Like many military spouses, I try to avoid watching the news during a deployment. I don't mind going to news websites and looking up political stories about what is going on in D.C., but I try to avoid obsessively following military reports from the country where my loved one is working. However, between Facebook and my e-mail home page, it was hard to avoid the news of the U.S. helicopter that was shot down in Afghanistan yesterday, killing 31 people. Since my husband's battalion is "somewhere in Southern Afghanistan" many of the spouses in the battalion immediately became concerned that the largest day of casualties in that country would involve their beloved.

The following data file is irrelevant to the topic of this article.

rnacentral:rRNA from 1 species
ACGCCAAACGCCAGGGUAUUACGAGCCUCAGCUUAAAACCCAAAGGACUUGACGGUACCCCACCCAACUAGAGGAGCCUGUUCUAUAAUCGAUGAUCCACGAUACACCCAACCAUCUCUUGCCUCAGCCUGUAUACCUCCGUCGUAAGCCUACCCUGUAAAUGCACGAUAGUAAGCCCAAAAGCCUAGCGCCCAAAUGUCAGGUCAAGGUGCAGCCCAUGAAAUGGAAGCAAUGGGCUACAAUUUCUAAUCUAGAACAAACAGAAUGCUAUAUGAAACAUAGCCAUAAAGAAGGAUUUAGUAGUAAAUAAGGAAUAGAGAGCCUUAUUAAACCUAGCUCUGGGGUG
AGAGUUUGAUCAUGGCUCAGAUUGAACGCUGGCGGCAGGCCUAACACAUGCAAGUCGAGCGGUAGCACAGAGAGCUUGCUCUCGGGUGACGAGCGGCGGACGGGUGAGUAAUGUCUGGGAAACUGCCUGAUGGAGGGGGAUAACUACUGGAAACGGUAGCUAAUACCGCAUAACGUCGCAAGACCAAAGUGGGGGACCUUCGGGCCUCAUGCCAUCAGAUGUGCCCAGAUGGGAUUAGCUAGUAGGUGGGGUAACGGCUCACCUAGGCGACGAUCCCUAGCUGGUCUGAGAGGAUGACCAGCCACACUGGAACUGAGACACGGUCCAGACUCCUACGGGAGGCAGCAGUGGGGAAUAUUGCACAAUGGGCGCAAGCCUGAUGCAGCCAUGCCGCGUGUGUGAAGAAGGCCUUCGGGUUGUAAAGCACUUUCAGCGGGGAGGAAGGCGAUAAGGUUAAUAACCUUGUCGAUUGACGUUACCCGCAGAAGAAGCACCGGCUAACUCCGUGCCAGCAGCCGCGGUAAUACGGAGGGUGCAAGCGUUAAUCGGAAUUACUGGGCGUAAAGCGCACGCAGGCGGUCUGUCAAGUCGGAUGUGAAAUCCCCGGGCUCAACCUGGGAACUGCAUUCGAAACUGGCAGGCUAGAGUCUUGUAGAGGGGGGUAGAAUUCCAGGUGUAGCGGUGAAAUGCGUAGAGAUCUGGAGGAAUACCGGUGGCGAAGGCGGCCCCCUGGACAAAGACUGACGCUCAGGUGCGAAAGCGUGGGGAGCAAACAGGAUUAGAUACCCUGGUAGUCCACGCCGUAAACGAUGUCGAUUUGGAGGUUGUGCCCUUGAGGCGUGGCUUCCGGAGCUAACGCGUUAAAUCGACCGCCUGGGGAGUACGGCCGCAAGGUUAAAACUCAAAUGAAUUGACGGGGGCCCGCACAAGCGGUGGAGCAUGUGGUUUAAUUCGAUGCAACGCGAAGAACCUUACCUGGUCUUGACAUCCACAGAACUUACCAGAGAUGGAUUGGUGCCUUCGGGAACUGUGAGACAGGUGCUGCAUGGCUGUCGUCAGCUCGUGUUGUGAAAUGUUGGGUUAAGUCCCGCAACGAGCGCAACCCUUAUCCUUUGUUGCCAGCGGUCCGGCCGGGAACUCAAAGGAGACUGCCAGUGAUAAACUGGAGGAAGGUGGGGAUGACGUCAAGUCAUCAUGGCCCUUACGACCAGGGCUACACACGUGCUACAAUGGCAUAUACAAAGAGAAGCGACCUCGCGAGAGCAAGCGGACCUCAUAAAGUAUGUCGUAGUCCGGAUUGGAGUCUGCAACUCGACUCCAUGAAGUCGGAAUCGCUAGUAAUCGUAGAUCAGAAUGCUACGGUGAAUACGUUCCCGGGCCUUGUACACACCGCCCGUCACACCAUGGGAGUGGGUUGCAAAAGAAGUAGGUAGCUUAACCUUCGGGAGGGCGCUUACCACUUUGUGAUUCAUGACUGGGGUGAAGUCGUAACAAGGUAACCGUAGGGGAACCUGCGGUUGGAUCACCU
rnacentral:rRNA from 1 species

I have to say I was never that concerned. I knew it was unlikely my husband would be on a helicopter, and then when I learned it was Navy Seals, I knew he wasn't involved. I was relieved, and prepared to forget it had even happened. But all day today I am seeing FB posts (from military AND civilians) honoring the memory and sacrifice of those 31 fallen. Has my gratitude for my own husband's safety made me completely numb to the sufferings of other families? Is it selfish of me to care only about him, and not about other military casualties? Last deployment, there were at least 7 deaths in his battalion. But because none of them were his platoon or spouses I knew personally, none of them hit close to home. I think it's healthy to stay somewhat strong and emotionally reserved during deployments so you are not constantly worrying or making yourself sick. But I don't want to be emotionally dead and unsympathetic to others. Do you have a good way of coping during deployments without getting emotionally involved in every news story?